LTC Bullet:  WSJ Advises on Medicaid Planning 

Thursday, July 26, 2007 

Seattle-- 

LTC Comment:  The Wall Street Journal published an advice column Tuesday how to self-impoverish to qualify for Medicaid LTC.  Excerpts, our analysis, a letter to the editor, and his reply, after the ***news.*** 

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LTC BULLET:  WSJ ADVISES ON MEDICAID PLANNING 

LTC Comment:  Tuesday's (July 24, 2007) Wall Street Journal contained an article by Tom Lauricella titled "Solving Medicaid Assets Math:  Trusts Can Be Used To Pass On a Home; Annuities for Income" on page D3.  WSJ Online subscribers can find the piece at http://online.wsj.com/article_print/SB118523476411775552.html.  

The same article was published in the WSJ's weekend "Encore" section, hence my July 22 email letter to the author and his editor's reply, which follow.  After that set up, we'll analyze excerpts from the article and tell you where to address your own concerns. 

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July 22, 2007 

Dear Mr. Lauricella:  

I read your article in today's WSJ with dismay.  You write about Medicaid estate planning without observing that Medicaid is a means-tested public welfare program fraught with problems of access, quality, reimbursement, discrimination and institutional bias.  You cite Medicaid planning attorneys who make their livings artificially impoverishing affluent clients so they can fill Medicaid beds intended for people in genuine need.  You miss entirely the point that Medicaid has become a long-term care payor for nearly everyone and has thus crowded out responsible LTC financing alternatives, such as savings, investments, insurance or home equity conversion.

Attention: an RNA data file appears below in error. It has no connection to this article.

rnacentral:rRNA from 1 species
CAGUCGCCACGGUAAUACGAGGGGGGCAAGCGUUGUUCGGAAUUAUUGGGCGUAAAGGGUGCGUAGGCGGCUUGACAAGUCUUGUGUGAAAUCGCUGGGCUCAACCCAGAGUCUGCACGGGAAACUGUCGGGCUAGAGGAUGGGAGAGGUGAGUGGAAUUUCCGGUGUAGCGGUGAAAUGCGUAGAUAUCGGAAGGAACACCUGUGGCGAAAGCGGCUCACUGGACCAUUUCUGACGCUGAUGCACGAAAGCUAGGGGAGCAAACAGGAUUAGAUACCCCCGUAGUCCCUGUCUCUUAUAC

I hope you will revisit this topic and give the other side of the story.  My professional bio is attached and so is a monograph I wrote for the Cato Institute that puts this issue in context.  I've written on the topic since the 1980s, first as a career U.S. government employee for the Office of Inspector General of the Department of Health and Human Service and later as president of an organization dedicated to ensuring quality long-term care for all Americans.  My article titled "Welfare for the Well-to-do" was published in the WSJ on December 17, 2005.  [http://online.wsj.com/PA2VJBNA4R/snippet/SB113477649883625141.html]